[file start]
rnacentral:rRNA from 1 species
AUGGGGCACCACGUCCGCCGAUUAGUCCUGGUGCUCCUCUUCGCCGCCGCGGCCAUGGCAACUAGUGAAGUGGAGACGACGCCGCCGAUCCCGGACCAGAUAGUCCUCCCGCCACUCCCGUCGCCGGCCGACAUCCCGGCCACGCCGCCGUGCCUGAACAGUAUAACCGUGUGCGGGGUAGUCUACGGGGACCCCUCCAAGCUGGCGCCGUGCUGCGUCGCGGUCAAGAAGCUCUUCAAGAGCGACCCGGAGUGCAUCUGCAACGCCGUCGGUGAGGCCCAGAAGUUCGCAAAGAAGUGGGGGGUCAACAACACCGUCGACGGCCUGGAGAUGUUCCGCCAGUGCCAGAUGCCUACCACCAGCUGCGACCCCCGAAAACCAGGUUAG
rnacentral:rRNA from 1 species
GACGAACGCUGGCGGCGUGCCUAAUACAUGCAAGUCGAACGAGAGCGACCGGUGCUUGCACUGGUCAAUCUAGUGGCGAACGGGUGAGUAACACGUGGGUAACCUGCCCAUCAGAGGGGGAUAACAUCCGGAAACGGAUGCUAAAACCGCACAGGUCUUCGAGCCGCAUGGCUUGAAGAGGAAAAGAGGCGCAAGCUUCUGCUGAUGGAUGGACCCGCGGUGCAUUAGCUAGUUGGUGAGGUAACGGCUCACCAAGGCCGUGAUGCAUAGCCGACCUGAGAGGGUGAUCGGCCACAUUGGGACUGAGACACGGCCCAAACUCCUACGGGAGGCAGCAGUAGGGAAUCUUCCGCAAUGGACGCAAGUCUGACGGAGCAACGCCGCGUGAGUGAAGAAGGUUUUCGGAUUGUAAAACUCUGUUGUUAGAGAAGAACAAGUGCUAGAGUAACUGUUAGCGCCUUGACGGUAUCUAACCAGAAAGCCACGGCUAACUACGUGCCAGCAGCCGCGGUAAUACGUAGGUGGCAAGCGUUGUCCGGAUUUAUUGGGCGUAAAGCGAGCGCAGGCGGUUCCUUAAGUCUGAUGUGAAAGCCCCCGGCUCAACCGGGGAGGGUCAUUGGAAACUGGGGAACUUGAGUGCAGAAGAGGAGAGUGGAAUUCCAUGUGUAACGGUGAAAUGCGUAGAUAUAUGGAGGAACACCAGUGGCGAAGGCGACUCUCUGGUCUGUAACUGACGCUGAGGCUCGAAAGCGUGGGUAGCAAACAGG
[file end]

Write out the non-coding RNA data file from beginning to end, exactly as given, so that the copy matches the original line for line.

rnacentral:rRNA from 1 species
AUGGGGCACCACGUCCGCCGAUUAGUCCUGGUGCUCCUCUUCGCCGCCGCGGCCAUGGCAACUAGUGAAGUGGAGACGACGCCGCCGAUCCCGGACCAGAUAGUCCUCCCGCCACUCCCGUCGCCGGCCGACAUCCCGGCCACGCCGCCGUGCCUGAACAGUAUAACCGUGUGCGGGGUAGUCUACGGGGACCCCUCCAAGCUGGCGCCGUGCUGCGUCGCGGUCAAGAAGCUCUUCAAGAGCGACCCGGAGUGCAUCUGCAACGCCGUCGGUGAGGCCCAGAAGUUCGCAAAGAAGUGGGGGGUCAACAACACCGUCGACGGCCUGGAGAUGUUCCGCCAGUGCCAGAUGCCUACCACCAGCUGCGACCCCCGAAAACCAGGUUAG
rnacentral:rRNA from 1 species
GACGAACGCUGGCGGCGUGCCUAAUACAUGCAAGUCGAACGAGAGCGACCGGUGCUUGCACUGGUCAAUCUAGUGGCGAACGGGUGAGUAACACGUGGGUAACCUGCCCAUCAGAGGGGGAUAACAUCCGGAAACGGAUGCUAAAACCGCACAGGUCUUCGAGCCGCAUGGCUUGAAGAGGAAAAGAGGCGCAAGCUUCUGCUGAUGGAUGGACCCGCGGUGCAUUAGCUAGUUGGUGAGGUAACGGCUCACCAAGGCCGUGAUGCAUAGCCGACCUGAGAGGGUGAUCGGCCACAUUGGGACUGAGACACGGCCCAAACUCCUACGGGAGGCAGCAGUAGGGAAUCUUCCGCAAUGGACGCAAGUCUGACGGAGCAACGCCGCGUGAGUGAAGAAGGUUUUCGGAUUGUAAAACUCUGUUGUUAGAGAAGAACAAGUGCUAGAGUAACUGUUAGCGCCUUGACGGUAUCUAACCAGAAAGCCACGGCUAACUACGUGCCAGCAGCCGCGGUAAUACGUAGGUGGCAAGCGUUGUCCGGAUUUAUUGGGCGUAAAGCGAGCGCAGGCGGUUCCUUAAGUCUGAUGUGAAAGCCCCCGGCUCAACCGGGGAGGGUCAUUGGAAACUGGGGAACUUGAGUGCAGAAGAGGAGAGUGGAAUUCCAUGUGUAACGGUGAAAUGCGUAGAUAUAUGGAGGAACACCAGUGGCGAAGGCGACUCUCUGGUCUGUAACUGACGCUGAGGCUCGAAAGCGUGGGUAGCAAACAGG